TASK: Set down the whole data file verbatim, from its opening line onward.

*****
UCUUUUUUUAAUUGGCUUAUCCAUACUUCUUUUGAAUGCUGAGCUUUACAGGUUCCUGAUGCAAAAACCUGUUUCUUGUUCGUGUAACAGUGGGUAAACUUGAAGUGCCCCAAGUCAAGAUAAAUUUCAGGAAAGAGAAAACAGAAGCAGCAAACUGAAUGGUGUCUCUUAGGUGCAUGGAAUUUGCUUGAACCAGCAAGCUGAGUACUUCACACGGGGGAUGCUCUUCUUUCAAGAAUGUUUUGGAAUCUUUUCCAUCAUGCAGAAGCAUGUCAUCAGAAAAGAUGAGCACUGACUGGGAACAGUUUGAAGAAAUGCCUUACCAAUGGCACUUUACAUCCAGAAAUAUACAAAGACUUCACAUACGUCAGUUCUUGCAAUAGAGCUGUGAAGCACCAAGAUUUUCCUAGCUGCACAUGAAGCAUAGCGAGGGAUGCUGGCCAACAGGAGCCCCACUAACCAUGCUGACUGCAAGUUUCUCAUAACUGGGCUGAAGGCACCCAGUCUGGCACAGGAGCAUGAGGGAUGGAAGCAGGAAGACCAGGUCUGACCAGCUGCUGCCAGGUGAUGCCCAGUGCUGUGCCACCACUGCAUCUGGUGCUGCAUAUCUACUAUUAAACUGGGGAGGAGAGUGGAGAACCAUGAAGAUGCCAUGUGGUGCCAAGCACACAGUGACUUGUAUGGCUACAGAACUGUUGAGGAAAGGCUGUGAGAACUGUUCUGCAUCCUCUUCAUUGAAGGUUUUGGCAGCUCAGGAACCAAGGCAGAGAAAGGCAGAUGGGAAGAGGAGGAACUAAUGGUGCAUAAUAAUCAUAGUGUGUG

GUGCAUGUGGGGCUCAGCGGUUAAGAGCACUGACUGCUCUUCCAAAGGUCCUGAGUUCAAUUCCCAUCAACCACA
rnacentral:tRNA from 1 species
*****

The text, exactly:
UCUUUUUUUAAUUGGCUUAUCCAUACUUCUUUUGAAUGCUGAGCUUUACAGGUUCCUGAUGCAAAAACCUGUUUCUUGUUCGUGUAACAGUGGGUAAACUUGAAGUGCCCCAAGUCAAGAUAAAUUUCAGGAAAGAGAAAACAGAAGCAGCAAACUGAAUGGUGUCUCUUAGGUGCAUGGAAUUUGCUUGAACCAGCAAGCUGAGUACUUCACACGGGGGAUGCUCUUCUUUCAAGAAUGUUUUGGAAUCUUUUCCAUCAUGCAGAAGCAUGUCAUCAGAAAAGAUGAGCACUGACUGGGAACAGUUUGAAGAAAUGCCUUACCAAUGGCACUUUACAUCCAGAAAUAUACAAAGACUUCACAUACGUCAGUUCUUGCAAUAGAGCUGUGAAGCACCAAGAUUUUCCUAGCUGCACAUGAAGCAUAGCGAGGGAUGCUGGCCAACAGGAGCCCCACUAACCAUGCUGACUGCAAGUUUCUCAUAACUGGGCUGAAGGCACCCAGUCUGGCACAGGAGCAUGAGGGAUGGAAGCAGGAAGACCAGGUCUGACCAGCUGCUGCCAGGUGAUGCCCAGUGCUGUGCCACCACUGCAUCUGGUGCUGCAUAUCUACUAUUAAACUGGGGAGGAGAGUGGAGAACCAUGAAGAUGCCAUGUGGUGCCAAGCACACAGUGACUUGUAUGGCUACAGAACUGUUGAGGAAAGGCUGUGAGAACUGUUCUGCAUCCUCUUCAUUGAAGGUUUUGGCAGCUCAGGAACCAAGGCAGAGAAAGGCAGAUGGGAAGAGGAGGAACUAAUGGUGCAUAAUAAUCAUAGUGUGUG

GUGCAUGUGGGGCUCAGCGGUUAAGAGCACUGACUGCUCUUCCAAAGGUCCUGAGUUCAAUUCCCAUCAACCACA
rnacentral:tRNA from 1 species